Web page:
Saving the Lime Tree

This whole summer, our lime tree has looked sad. Its leaves are curled and the few limes that started were shriveled.

I took a closer look at it to see if there was something visibly wrong with it and….

AHHHHHH OH MY GOD ITS COVERED IN GROSS KNOBBY THINGS. I touched it. UGGGGGGGGGGG THEY WERE ALIVE! THEY ARE BUGS!!!!!

After a quick google consultations, my suspicion was right and it is scale, which is related to aphids. They suck the sap out of plants, depriving them of vital nutrients. Seriously, the poor tree was COVERED. It made my skin crawl and made me want to throw up a little. Sick.

Usually when I have a serious bug infestation, such as aphids on the broccoli, I pull up the whole plant and feed to the chickens. Quick annihilation, no major loss. I don’t like using spray in my garden. But this tree was EXPENSIVE!!! I was on a mission to save it. Google, and confirmed by my pest book “Whats Wrong with my Plant?”, gave ideas on how to rid the plant: wipe the infected areas with rubbing alcohol, and then spray with a horticulture oil.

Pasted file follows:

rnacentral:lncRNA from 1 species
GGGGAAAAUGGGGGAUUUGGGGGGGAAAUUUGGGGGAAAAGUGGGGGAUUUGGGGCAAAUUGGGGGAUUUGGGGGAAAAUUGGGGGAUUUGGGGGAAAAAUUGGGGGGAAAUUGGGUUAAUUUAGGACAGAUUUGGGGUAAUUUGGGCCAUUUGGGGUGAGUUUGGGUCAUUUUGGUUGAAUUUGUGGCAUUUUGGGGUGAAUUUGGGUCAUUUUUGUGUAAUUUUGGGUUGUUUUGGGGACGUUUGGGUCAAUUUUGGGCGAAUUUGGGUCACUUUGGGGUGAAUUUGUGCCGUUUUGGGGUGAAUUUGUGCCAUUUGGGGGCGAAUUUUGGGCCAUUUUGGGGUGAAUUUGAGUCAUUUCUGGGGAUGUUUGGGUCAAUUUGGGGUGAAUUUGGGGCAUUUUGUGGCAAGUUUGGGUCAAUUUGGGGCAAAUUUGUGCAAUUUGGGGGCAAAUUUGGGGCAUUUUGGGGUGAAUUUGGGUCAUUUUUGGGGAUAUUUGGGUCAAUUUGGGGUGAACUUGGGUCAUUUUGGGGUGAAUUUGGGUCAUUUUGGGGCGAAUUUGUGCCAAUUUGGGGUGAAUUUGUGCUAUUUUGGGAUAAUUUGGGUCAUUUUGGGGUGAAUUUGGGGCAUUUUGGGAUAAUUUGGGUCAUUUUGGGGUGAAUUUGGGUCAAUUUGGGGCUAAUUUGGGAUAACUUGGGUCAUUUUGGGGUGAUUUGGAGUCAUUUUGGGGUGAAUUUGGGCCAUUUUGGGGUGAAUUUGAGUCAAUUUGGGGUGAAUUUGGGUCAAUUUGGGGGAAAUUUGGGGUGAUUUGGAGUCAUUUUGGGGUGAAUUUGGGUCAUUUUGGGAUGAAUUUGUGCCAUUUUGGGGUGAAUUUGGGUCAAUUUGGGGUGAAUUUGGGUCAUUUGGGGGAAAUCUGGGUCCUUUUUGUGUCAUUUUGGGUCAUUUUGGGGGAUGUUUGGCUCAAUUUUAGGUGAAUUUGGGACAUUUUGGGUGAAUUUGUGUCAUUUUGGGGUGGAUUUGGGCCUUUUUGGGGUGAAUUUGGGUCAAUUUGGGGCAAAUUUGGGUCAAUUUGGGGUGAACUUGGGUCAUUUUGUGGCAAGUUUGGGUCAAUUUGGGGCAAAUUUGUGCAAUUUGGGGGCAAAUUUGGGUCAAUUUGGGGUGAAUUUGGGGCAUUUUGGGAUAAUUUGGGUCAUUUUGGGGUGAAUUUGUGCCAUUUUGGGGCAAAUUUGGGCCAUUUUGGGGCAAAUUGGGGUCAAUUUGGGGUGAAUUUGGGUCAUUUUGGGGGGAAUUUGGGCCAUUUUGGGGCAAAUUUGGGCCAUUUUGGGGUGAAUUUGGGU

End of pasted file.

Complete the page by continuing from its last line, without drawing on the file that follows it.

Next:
The next morning, I went to Rite Aid and stocked up on the alcohol, and then went to my favorite nursery for the oil. The women there explained that the alcohol will kill the adults, and the oil spray will kill any larva or eggs. She asked if I had ants, as well, which OF COURSE I had, and she also suggested Tanglefoot to prevent the ants from crawling on the tree and spreading the scale. She also recommended to flood the container the tree was in, making it an inhospitable environment for the ants.

So this was my process of saving my tree:

gather up the alcohol & rags
wipe down every branch, leaf and stem with a rag drenched in the alcohol
remember that citrus have thorns. good times when you are working with burning alcohol.
gather up your horticulture oil (aka, anti-bug spray) and tanglefoot (aka, super sticky goo)
Spray down the tree and smear a wide swatch of tanglefoot around the trunk. Use a stick. Don’t use your finger. It won’t come off.
thoroughly water the tree

It takes about two weeks for eggs to hatch and go back to sucking the tree dry, so its recommended to repeat again in a few weeks.

Hopefully this works!

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7 thoughts on “Saving the Lime Tree

  1. Next time try a batch of lady bugs. They’d take care of your problem in no time. Voracious little sap-sucker eaters, they are – them and their offspring. They’ve not failed me yet.

    1. I did work! But sadly when we went to move the tree with us, the half wine barrel it was in fell apart, so we had to leave it at the apartment. 😦

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